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A Brief History of Lake City:
Recreation & Tourism, 1915-1954

Summer Residences

Lake City's increasing accessibility for automobile and the large stock of vacant, mining-era dwellings created an incentive for people to spend summers in Lake City.

The trend began in 1915, when Richard and Hildegarde Wupperman of Seguin, Texas, began summering in Lake City.  The Wuppermans arrived by rail each season, shipping their touring car with them.  The family stayed in rented dwellings until 1921, when they purchased the story-and-a-half dwelling at 430 Gunnison Avenue and erected a small cabin next door as living quarters for their cook.

The number of summer folks grew during the 1920s as people bought vacant houses, purchasing them for a few hundred dollars or merely paying back taxes.  People also built summer cabins at Lake San Cristobal and other locations.

During the 1930s, the trend of summer homes continued.  Most property owners hailed from Texas; others came from Oklahoma, Nebraska, Kansas, New Mexico, or elsewhere in Colorado.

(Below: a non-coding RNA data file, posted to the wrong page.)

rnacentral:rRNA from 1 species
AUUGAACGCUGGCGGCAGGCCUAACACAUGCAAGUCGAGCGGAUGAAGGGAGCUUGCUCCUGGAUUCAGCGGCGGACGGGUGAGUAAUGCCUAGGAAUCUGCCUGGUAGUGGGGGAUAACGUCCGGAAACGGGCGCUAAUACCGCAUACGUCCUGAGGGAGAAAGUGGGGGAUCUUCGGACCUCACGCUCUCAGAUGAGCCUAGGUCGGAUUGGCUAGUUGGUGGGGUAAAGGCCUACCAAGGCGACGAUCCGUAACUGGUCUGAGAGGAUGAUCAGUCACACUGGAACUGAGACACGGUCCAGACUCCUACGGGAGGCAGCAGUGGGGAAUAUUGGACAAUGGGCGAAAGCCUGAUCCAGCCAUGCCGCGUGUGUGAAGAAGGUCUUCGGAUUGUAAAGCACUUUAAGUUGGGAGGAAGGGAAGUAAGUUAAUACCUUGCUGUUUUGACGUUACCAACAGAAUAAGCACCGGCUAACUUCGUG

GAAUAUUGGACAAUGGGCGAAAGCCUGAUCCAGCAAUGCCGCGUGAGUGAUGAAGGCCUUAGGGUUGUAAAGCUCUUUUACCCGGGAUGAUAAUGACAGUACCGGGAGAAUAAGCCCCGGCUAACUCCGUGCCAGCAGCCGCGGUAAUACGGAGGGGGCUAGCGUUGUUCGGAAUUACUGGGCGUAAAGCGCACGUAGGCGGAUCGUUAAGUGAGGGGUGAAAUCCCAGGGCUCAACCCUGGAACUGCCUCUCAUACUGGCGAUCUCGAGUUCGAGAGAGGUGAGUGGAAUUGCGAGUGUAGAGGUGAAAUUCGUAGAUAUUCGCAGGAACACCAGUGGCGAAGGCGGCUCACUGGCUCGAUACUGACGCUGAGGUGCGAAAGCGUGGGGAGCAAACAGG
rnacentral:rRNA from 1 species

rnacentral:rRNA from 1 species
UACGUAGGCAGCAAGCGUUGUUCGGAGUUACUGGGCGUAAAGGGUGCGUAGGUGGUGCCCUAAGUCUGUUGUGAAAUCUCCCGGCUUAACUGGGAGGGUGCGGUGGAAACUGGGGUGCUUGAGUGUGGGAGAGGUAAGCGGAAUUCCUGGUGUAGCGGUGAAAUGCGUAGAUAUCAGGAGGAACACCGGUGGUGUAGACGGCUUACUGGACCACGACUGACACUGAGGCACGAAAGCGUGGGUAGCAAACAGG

The large stock of vacant houses remaining from the mining era met the demand for both year-round residences and summer homes.  Some property owners expanded historic dwellings with additions and built stone fireplaces.  Summer residents included descendants of Lake City pioneer residents, as well as hobby prospectors and miners.

After World War II, people began building summer cabins within the historic townsite on scattered lots, many on former locations of mining era dwellings lost to fire or demolition.  These dwellings were typically of log with prominent stone fireplaces and modest front porches.  In recent decades, summer dwellings have been frame with exteriors of log and of lapped, rough boards stained brown.

In recent years, most residential development has occurred outside the Lake City Historic District.  The northeast section of the 1875 townsite known as "Ball Flats" has developed with both year-round and seasonal housing.

Recent residential growth has taken place outside the Historic District, such as: in the in Ball Flats at the east edge of the historic townsite; Lake City Heights subdivision southeast of town; and Packers Knob, Lake City North, or J&M Addition, San Juan Ranch, Riverside Estates, and San Juan Springs subdivisions north of town.

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 Town of Lake City, PO Box 544, Lake City, CO  81235.  970-944-2333.  
Youmans-Carey House. 600 Gunnison Avenue. Click on image for larger pop-up view.
McLeod-Stewart House. 408 Silver Street. Click on image for larger pop-up view.
Ann Blanchard Cabin.  101 Bluff Street.  Click on image for larger pop-up view.